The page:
However, when assessing whether separate crimes are sufficiently connected together for purposes of initial joinder, “we look to a variety of factors, including but not limited to: (1) are the charges closely related; (2) are there common factors of substantial importance; (3) did one charge arise out of the investigation of the other; (4) are the crimes close in time or close in location, or do the crimes involve the same victims; (5) are the crimes similar in manner, scheme or plan; (6) was one crime committed to prevent punishment for another; and (7) would joinder serve the goals and purposes of Wis. Stat. § 971.12” (¶ 43).
As for the joinder of crimes based on two or more acts or transactions that constitute parts of a common scheme or plan, the court noted that it has not specifically defined common scheme or plan as that term is used in the joinder statute nor do the statutes contain a specific definition. “Because these are common words with known meanings, it is not necessary for us to provide a particular definition here” (¶ 45).
The case against defendant Salinas involved the joinder of several sexual assault counts with witness-intimidation charges. The intimidation charges arose out of an earlier domestic violence prosecution but, in the view of the majority, are also sufficiently linked to the sexual assaults so as to be properly joined with the sexual assault charges. To understand the majority’s conclusions about the linkage, the facts (which consume almost 20 pages of the majority opinion and thus cannot be adequately recounted here) must be carefully studied.
In the end, the majority opinion, authored by Justice Rebecca G. Bradley, concluded that joinder of the sexual assault counts and the witness-intimidation counts was proper under the connected together test, under the common scheme or plan test, and under an approach that combines these two tests (see ¶ 50).
Justice Abrahamson filed a dissenting opinion that was joined in by Justice Ann Walsh Bradley.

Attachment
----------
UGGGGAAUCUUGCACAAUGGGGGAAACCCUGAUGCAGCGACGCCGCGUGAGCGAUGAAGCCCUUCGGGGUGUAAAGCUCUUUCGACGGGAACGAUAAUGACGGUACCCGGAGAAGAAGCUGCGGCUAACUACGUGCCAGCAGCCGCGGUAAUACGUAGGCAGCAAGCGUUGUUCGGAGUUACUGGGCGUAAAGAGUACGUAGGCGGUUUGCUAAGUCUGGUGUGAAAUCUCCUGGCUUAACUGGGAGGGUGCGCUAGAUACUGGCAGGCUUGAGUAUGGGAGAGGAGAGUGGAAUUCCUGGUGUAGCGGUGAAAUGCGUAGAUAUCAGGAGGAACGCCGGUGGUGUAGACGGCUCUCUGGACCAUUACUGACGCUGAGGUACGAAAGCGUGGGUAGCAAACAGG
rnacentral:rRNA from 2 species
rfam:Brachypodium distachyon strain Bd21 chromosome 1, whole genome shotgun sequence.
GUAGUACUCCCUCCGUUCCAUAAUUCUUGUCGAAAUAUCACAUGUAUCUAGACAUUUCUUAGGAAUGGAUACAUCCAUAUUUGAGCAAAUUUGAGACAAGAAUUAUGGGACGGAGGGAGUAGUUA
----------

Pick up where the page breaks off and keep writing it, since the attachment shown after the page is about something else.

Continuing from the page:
Effective Assistance of Counsel – Advising Defendant About Possible Wis. Stat. Chapter 980 Commitment
State v. LeMere, 2016 WI 41 (filed 20 May 2016)
HOLDING: The Sixth Amendment to the U.S. Constitution does not require defense counsel to inform a client about the possibility of a future Wis. Stat. chapter 980 commitment when the client enters a guilty plea to a sexually violent offense.
SUMMARY: The defendant sought to withdraw his guilty plea to a charge of first-degree sexual assault of a child under the age of 13, claiming that his lawyer rendered ineffective assistance of counsel by not informing him of the possibility that he might be civilly committed under Wis. Stat. chapter 980 (Sexually Violent Persons Commitments) upon release from prison. The circuit court denied the motion and, in an unpublished decision, the court of appeals affirmed. In a majority decision authored by Justice Prosser, the supreme court affirmed the court of appeals.
The court commenced its opinion by framing the issue on appeal as follows: “In Padilla v. Kentucky, 559 U.S. 356 (2010), the Supreme Court of the United States held that the Sixth Amendment requires defense counsel to inform a client whether his plea to a criminal charge carries a risk of deportation. Here, we assess Padilla in a different context: Does the Sixth Amendment require defense counsel to inform a client about the possibility of civil commitment, under Wis. Stat. ch. 980, when the client enters a plea to a sexually violent offense?” (¶ 2) The majority concluded that it does not.
Consequences that flow from a criminal conviction are often categorized as being either “direct” or “collateral.” “Direct consequences are those that have a definite, immediate, and largely automatic effect on the range of a defendant’s punishment” (¶ 31) (internal quotations omitted). “Collateral consequences, on the other hand, are indirect and do not flow from the conviction; rather, they may be contingent on a future proceeding in which a defendant’s subsequent behavior affects the determination or may rest not with the sentencing court, but instead with a different tribunal or government agency” (¶ 32) (internal quotations omitted).